|Maternal||Mother dog will become aggressive toward anyone or anything approaching her babies||Instincts||Very common|
|Pain||Dog may bite when faced with pain, dog may act aggressive as a result of bad thyroid or bladder infection||Medical issue||Very common|
|Punishment||Acts aggressively when expecting punishment||Improper punishment from human||Less common|
Dog Aggression Is Common
It is becoming very common to see aggressive dogs in today’s society. Dogs often react aggressively towards other dogs who seeming to have posed no threat at all. This does not automatically mean that your dog has an aggressive nature though.
Many times your dog does not have the proper social skills, which is a lot easier to work with than true dog aggression. Dogs are not born aggressive, and aggression is NOT a natural state of mind for a dog. Something has to shape aggressive behavior in your dog, and it is our goal in Greenville to figure that out. More often than not your dog is showing aggression because of a lack in social skills that caused your dog to make a negative association due to one or two bad experiences that they had.
For example, a puppy that has been attacked by an adult dog at an early age. This attack is scary for them, especially if the attack dog was one of the first dogs they had ever met. This attack can also be scary for the owners, which can lead to the owners starting to shelter the puppy, keeping it away from other dogs in fear something will happen again.
This puppy has a very good chance of becoming aggressive when they get older, but are not likely to show it until they are about 1 or older.
What should have happened instead, is the owner should have found as many friendly dogs as possible to introduce the puppy to, outweighing any negative feeling about the dog that scared the puppy. Meeting 200 friendly dogs after one bad experience is most likely going to make your dog forget the one bad attack and the puppy will be less likely to develop anxiety.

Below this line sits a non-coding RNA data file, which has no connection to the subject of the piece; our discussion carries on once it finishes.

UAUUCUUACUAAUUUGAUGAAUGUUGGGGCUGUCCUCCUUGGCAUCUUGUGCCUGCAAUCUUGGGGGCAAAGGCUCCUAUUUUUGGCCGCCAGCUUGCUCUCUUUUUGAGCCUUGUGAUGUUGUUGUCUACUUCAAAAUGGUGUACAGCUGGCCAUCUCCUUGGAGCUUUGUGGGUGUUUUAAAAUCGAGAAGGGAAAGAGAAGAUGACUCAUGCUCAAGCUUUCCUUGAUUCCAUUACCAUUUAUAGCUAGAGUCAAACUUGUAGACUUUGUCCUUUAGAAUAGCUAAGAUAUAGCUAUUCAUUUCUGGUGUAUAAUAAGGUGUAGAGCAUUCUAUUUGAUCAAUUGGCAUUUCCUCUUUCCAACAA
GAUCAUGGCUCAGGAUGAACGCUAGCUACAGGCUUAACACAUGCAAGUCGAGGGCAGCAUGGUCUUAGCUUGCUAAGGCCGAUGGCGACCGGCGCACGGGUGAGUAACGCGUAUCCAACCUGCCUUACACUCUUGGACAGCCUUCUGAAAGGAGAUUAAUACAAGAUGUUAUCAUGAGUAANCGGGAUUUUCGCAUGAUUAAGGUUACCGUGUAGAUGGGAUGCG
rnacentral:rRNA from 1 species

Many people do not realize the importance of socializing their dog and need to practice it through the dog’s lifetime. There are a lot of stories that come to us about how a dog used to be friendly and get along with other dogs, but just do not seem to anymore. This usually happens when owners stop socializing their dog and social skills are lost. For many dogs, social skills are what makes them good around other dogs. Remember that social skills should include socializing your dogs around strange dogs, not just ones that they are familiar with. If you have your dogs around the same group of dogs all the time, they become use to the situation and do not learn any additional skills.
When social skills are lacking, most aggression comes out as fear. It is common that your dog is reacting to feeling uncomfortable. Many dogs become aggressive first so they do not have to go on the defense; it is a solution to a feeling of uncertainty.
At our Greenville center, we will find a way to solve your dog’s problem and make them comfortable in any situation you present them with.